Tuesday, December 06, 2005

Can Wikipedia be trusted?

Regular readers of my blog know that I often link to Wikipedia articles. Wikipedia isn't just any encylopedia. Any reader has the ability to edit an existing article or post a new one. Because the entries are not written by scholars and are not vetted by editors, Wikipedia is a constant source of criticism.

Theoretically, falsehoods and other errors will be caught and corrected by Wikipedia readers; in other words, it's self-governing. However, some incorrect information--especially that which cannot be easily unsubstantiated--can remain undetected for some time.

Sunday's New York Times reported the story of John Seigenthaler, Sr., a former editor at the Nashville Tennessean. A Wikipedia entry about Seigenthaler explained that he "was thought to have been directly involved in the Kennedy assassinations of both John and his brother Bobby." The entry added that "nothing was ever proven."

This erroneous and libelous claim remained undetected for months.

Clearly, Wikipedia can not be trusted completely. So why do I use it as a resource and link to its articles? Because I find its information to be correct the vast majority of the time and because a completely trustworthy resource is nonexistent.

I work as a Social Studies textbook editor at Houghton Mifflin. Two of the resources I regularly use are Encyclopædia Britannica and Encyclopedia Americana, published by Scholastic, Inc. They are considered extremely trustworthy. Still, even they make mistakes.

Encyclopædia Britannica's entry on "Woman suffrage" says
By 1918, however, both major political parties were committed to woman suffrage, and the amendment was carried by the necessary two-thirds majorities in both the House and Senate in January 1918 and June 1919, respectively. Vigorous campaigns were then waged to secure ratification of the amendment by two-thirds of the state legislatures, and on August 18, 1920, Tennessee became the 36th state to ratify the amendment.
For an amendment to be added to the Constitution, 75% of all states must ratify it. Yet, Encyclopædia Britannica tells us that "campaigns were then waged to secure ratification of the amendment by two-thirds of state legislatures." That is clearly false. They were seeking ratification by three-fourths of the state legislatures. If the fact checkers at Encyclopædia Britannica had put a little work into it, they would have realized that 36 divided by 48 (There were 48 states at the time) equals .75.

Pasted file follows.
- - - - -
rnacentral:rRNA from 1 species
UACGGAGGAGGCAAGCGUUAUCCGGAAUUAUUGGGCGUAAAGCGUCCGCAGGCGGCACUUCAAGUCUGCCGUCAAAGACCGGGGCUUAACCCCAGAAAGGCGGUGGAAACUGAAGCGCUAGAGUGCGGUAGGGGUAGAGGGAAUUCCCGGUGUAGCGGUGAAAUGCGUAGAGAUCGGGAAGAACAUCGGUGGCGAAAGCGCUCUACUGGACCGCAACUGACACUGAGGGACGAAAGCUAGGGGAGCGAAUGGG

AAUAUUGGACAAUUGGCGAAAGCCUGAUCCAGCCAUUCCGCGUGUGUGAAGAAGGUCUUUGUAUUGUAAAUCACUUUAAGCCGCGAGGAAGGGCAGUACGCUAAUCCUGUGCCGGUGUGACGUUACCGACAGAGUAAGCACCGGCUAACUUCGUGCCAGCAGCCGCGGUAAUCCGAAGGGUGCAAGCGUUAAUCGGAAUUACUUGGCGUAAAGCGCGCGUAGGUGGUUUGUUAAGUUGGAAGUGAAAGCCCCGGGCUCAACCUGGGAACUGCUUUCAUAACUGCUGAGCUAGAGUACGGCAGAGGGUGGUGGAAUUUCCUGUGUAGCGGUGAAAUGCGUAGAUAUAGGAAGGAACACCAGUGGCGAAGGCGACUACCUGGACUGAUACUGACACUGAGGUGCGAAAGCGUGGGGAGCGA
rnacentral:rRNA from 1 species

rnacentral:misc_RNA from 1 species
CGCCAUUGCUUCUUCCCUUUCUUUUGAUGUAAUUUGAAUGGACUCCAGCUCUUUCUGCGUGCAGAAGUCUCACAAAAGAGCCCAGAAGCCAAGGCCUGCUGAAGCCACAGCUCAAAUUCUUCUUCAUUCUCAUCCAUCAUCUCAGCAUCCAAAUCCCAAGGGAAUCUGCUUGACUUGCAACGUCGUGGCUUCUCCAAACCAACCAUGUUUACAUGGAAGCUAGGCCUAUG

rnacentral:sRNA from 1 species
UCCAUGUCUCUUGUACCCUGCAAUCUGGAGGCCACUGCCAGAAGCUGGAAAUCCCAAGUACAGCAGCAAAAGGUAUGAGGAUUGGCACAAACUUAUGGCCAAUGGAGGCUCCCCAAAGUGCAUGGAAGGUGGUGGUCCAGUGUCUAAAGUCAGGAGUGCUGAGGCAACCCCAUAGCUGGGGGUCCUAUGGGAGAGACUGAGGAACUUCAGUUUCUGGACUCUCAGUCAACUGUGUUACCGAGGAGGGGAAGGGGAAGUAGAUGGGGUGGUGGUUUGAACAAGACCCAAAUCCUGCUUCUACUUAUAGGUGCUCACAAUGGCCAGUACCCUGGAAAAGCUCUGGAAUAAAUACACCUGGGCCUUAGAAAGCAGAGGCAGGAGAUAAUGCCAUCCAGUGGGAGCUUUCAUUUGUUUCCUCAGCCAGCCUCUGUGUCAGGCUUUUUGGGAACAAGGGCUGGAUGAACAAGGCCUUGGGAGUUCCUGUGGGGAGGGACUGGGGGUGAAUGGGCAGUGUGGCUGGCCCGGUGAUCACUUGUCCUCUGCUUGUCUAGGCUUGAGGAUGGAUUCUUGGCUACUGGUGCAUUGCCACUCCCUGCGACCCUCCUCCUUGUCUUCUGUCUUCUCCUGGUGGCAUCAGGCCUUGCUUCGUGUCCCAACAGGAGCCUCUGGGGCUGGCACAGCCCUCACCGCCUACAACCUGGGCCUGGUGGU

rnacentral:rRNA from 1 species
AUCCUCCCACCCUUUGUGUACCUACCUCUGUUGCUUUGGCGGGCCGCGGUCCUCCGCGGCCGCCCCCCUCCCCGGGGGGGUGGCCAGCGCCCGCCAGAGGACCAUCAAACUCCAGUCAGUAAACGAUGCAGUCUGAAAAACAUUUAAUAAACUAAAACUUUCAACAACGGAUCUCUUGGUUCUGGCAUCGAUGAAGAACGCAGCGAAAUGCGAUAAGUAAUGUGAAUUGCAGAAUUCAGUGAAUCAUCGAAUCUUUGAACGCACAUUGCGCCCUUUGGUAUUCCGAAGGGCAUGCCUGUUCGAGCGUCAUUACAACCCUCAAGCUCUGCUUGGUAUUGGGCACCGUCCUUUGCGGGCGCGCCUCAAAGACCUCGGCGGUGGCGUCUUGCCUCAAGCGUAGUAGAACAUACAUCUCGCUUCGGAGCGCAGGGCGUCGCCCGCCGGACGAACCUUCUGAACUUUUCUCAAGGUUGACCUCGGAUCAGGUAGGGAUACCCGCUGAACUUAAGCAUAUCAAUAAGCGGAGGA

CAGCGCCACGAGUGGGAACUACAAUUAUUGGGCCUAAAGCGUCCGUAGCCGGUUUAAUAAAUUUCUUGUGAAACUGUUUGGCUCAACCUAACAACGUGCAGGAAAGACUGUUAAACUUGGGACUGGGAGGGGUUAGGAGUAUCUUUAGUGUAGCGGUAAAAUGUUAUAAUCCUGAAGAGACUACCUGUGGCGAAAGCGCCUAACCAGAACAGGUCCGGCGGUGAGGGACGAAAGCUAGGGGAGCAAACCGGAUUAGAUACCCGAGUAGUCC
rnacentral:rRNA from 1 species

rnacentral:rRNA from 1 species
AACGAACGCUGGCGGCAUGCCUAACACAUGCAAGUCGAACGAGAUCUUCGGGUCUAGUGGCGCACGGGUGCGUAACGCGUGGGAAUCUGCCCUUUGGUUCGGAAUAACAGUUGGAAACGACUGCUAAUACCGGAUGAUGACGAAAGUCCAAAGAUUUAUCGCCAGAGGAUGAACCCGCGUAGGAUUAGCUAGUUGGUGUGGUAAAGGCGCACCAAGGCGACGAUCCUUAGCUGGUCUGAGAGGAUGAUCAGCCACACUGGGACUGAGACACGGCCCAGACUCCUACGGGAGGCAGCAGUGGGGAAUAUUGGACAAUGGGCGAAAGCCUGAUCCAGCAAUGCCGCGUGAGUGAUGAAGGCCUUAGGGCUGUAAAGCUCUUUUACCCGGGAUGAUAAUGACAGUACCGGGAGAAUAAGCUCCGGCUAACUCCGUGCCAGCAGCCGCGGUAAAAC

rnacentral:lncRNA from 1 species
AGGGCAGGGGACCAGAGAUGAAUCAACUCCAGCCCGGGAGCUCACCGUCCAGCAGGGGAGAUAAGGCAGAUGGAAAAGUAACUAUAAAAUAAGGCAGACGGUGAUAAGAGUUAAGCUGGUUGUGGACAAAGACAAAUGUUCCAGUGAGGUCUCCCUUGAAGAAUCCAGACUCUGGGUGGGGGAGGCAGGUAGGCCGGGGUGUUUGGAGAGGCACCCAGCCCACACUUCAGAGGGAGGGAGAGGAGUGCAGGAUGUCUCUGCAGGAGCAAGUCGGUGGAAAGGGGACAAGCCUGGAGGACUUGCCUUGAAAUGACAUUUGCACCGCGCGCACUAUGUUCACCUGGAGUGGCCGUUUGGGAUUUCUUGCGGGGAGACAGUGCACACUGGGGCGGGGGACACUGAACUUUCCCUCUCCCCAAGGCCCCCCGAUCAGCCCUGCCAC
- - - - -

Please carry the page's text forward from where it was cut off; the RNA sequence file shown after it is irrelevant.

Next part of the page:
Over at Encyclopedia Americana, their "Kentucky" entry tells us that

With its divided loyalties, Kentucky chose to remain neutral in the Civil War, hoping to preserve a spirit of conciliation between the opposing sides.

This information is only partially correct. Kentucky opted for neutrality in May 1861, just a month into the Civil War, when the Kentucky House of Representatives and Senate passed resolutions declaring neutrality. However, the legislature reversed itself in September 1861.

In A New History of Kentucky, Lowell H. Harrison and James C. Klotter wrote
On September 11 the House by a 71-26 vote instructed the governor to order the Confederates to withdraw from the state. Then, an a vote of 29-68, it defeated a motion to order both sides to withdraw. The Senate approved the Confederate-only expulsion order, 25-8. (Governor Beriah) Magoffin vetoed it, and the legislature swiftly passed it over his objection. He then issued the order as directed.
So, in other words, don't trust anything completely. Except me, of course.


At 5:17 PM, Blogger jeffro said...

Senor Eisner breaks his silence!!

At 6:46 PM, Blogger Pete said...

Like you said, it's not held to any standard and has not been through the editing/vetting process.

It's one more example of so-called journalism run astray on the web. On one of the main pages of www.blogger.com, it alludes to all this being some sort of "community journalism."

No, it's not.

At 10:29 AM, Blogger Greg Pultorak said...


At 3:21 PM, Anonymous Anonymous said...

Here is Nature's coverage:

Internet encyclopaedias go head to head: Jimmy Wales' Wikipedia comes close to Britannica in terms of the accuracy of its science entries, a Nature investigation finds.

Excerpt: "The exercise revealed numerous errors in both encyclopaedias, but among 42 entries tested, the difference in accuracy was not particularly great: the average science entry in Wikipedia contained around four inaccuracies; Britannica, about three.

Of course, the subhead could have read: "Wikipedia contains 33% more errors than Britannica, research suggests."

At 3:21 PM, Anonymous Anonymous said...

Damnit. That was me.


At 6:06 PM, Anonymous Anonymous said...

Happy monthiversary, "Can Wikipedia be trusted?" entry. You've come a long way. -David

At 9:01 PM, Blogger Pete said...

The natives are growing restless.


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